Peter Hibberd, M.D., is a doctor whose advice is based on more than 28 years of hospital outpatient and inpatient experience. He is an experienced emergency medicine physician, surgeon, and consultant. Dr. Hibberd is certified by the American Board of Emergency Medicine. He is also a fellow and active member of the American Academy of Family Physicians, an active member of the American College of Emergency Physicians, and a member and fellow of the American Academy of Emergency Medicine. Dr. Hibberd has earned numerous national and international professional certifications, memberships, and awards.

How Do I Treat Marfan Syndrome?

Thursday, 08 July 2010 03:39 PM

Question: Four years ago, my family doctor and cardiologist told me I may have Marfan syndrome. They tell me my heart is enlarged, but how big is too big? When I took calcium blockers and beta blockers, I had side effects. I also have side effects from diazepam and Lamictal which I take for other problems. Why should I worry over Marfan syndrome when I can’t tell if it is causing problems? If I am wrong, what else could I take that will not have the same side effects?

Dr. Hibberd's Answer:

Marfan syndrome is an inheritable disorder of connective tissue. It is believed to be associated with the inflammatory effects of overproduction of growth factor beta (TGF-B). It is thought to create inflammation, especially in the aorta, heart valves and lung. It weakens these tissues, and causes complications of these tissues that are occasionally life-threatening. You are wrong to ignore preventive treatment.

ARB (angiotensin receptor blocker ) medication has been shown to reduce the abnormal aorta growth often seen in Marfan victims and has been a major breakthrough in extending longevity of Marfan patients. It should not be disregarded.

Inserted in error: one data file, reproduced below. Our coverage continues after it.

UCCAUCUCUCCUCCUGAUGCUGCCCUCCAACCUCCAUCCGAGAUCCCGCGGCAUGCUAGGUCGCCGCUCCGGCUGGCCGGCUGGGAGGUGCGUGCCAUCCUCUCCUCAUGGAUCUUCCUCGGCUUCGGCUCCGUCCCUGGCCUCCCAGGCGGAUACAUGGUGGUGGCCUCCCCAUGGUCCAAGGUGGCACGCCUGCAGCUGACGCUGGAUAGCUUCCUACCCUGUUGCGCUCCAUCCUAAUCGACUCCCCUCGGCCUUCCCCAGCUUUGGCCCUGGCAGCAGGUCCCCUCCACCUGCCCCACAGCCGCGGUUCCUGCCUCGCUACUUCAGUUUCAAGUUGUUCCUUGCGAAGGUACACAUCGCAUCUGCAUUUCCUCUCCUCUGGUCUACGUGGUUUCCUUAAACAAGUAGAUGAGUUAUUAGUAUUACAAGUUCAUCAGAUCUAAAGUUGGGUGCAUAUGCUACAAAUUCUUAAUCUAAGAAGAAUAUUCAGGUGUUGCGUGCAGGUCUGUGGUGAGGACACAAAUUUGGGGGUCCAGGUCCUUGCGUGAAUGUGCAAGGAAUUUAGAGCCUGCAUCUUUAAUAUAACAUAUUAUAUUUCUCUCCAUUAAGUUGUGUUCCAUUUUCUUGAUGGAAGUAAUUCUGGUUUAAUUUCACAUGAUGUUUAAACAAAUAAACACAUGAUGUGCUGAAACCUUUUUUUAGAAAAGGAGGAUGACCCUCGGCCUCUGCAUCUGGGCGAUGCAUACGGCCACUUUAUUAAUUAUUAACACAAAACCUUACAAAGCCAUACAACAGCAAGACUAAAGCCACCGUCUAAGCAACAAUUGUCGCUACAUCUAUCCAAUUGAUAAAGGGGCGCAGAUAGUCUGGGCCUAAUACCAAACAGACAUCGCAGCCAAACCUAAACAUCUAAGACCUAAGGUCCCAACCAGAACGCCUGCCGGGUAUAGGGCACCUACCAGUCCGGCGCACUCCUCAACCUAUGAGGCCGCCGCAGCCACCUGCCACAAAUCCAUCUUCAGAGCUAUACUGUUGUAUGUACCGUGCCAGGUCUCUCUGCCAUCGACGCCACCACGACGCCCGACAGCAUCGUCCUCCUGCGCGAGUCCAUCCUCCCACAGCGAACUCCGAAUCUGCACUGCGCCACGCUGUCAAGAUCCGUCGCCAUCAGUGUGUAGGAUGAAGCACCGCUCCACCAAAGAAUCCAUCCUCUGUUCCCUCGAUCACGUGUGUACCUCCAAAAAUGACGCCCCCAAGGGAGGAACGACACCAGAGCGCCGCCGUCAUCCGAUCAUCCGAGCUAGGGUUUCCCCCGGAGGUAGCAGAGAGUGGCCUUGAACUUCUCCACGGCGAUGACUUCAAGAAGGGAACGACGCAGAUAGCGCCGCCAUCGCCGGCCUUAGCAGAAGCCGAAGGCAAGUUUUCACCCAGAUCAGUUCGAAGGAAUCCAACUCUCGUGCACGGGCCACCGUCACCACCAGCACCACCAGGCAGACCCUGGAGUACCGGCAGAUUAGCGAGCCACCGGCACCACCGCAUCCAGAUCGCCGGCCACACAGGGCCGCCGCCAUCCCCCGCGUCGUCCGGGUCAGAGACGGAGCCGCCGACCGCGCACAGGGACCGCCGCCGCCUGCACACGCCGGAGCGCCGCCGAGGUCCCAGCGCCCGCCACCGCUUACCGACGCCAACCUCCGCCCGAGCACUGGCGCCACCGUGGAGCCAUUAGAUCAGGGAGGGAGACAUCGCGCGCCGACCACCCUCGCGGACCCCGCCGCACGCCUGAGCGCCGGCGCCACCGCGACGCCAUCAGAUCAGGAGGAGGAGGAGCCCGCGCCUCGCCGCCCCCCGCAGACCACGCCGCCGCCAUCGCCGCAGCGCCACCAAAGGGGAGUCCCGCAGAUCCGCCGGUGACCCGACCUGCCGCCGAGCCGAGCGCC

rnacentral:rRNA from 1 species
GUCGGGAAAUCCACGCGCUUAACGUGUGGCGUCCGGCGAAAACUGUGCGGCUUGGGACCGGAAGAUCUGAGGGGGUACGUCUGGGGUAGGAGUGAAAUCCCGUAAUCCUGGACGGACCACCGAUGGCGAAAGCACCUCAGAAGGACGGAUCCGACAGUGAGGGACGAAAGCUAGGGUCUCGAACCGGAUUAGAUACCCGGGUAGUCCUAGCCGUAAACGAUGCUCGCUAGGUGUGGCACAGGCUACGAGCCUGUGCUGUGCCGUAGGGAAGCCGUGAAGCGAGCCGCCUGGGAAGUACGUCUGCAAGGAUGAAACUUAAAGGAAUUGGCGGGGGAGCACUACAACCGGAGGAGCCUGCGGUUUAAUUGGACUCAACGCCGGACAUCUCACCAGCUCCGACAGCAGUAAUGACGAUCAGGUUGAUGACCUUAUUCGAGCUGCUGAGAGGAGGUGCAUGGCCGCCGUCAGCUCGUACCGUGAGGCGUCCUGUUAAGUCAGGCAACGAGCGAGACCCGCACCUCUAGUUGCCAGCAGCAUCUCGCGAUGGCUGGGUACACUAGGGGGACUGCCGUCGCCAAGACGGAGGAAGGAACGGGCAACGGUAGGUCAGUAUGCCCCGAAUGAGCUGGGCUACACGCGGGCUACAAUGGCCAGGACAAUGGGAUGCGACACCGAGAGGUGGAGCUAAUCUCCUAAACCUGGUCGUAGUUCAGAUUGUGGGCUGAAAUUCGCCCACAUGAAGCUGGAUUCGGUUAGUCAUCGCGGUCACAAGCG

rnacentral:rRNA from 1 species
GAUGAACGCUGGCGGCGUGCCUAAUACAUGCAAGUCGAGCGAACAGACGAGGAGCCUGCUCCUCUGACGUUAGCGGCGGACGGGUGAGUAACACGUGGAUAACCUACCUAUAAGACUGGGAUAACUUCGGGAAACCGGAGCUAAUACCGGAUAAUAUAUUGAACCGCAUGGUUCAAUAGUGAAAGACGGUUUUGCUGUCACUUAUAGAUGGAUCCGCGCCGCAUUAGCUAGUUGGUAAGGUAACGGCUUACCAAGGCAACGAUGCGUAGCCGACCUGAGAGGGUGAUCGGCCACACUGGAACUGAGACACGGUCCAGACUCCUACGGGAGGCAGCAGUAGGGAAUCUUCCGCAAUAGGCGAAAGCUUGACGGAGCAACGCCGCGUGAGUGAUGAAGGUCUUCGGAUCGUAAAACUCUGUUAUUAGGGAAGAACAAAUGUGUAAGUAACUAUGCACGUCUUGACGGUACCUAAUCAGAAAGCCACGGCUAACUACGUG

You need to be alert for changes in your health, especially of your eyes, lungs, heart and spine. Life expectancy for patients with Marfan syndrome has significantly increased over the past 20 years thanks to early intervention and treatment. Marfan is treated by watching for changes and treating them early.

Regular cardiac checkups are especially important to monitor the condition of your heart valves and aorta, as well as to keep blood pressure in check to reduce the chances of aneurisms forming. Medications often used include beta blockers, ACE inhibitors, and ARB's (angiostensin receptor blockers). If unchecked, aneurisms, heart failure and arrhythmias are common and valve and aortic surgery may be urgently needed as a life-saving procedure. Treatment of any obstructive lung changes is also important. The bone, skeletal and eye abnormalities seen in Marfan are generally not life-threatening, but certainly make its victims easy to diagnose.

You need to educate yourself about your condition, as well as to realize that the present longevity seen in Marfan seen today is directly related to interventions. You do not wish to turn back the clock to 30 years ago when many victims died before the age of 30 or 40 due to a lack of preventive treatment!

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